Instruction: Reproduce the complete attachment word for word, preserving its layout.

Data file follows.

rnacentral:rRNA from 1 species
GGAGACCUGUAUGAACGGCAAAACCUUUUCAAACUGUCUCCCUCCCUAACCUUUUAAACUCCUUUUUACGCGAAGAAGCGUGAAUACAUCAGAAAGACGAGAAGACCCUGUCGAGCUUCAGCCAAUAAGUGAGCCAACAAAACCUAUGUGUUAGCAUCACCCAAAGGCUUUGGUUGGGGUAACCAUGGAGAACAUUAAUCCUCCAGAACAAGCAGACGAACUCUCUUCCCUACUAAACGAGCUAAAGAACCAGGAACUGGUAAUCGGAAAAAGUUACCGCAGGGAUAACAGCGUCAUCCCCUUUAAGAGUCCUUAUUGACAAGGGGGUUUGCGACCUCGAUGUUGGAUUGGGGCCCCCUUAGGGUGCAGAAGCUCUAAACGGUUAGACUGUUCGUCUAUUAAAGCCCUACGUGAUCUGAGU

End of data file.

rnacentral:rRNA from 1 species
GGAGACCUGUAUGAACGGCAAAACCUUUUCAAACUGUCUCCCUCCCUAACCUUUUAAACUCCUUUUUACGCGAAGAAGCGUGAAUACAUCAGAAAGACGAGAAGACCCUGUCGAGCUUCAGCCAAUAAGUGAGCCAACAAAACCUAUGUGUUAGCAUCACCCAAAGGCUUUGGUUGGGGUAACCAUGGAGAACAUUAAUCCUCCAGAACAAGCAGACGAACUCUCUUCCCUACUAAACGAGCUAAAGAACCAGGAACUGGUAAUCGGAAAAAGUUACCGCAGGGAUAACAGCGUCAUCCCCUUUAAGAGUCCUUAUUGACAAGGGGGUUUGCGACCUCGAUGUUGGAUUGGGGCCCCCUUAGGGUGCAGAAGCUCUAAACGGUUAGACUGUUCGUCUAUUAAAGCCCUACGUGAUCUGAGU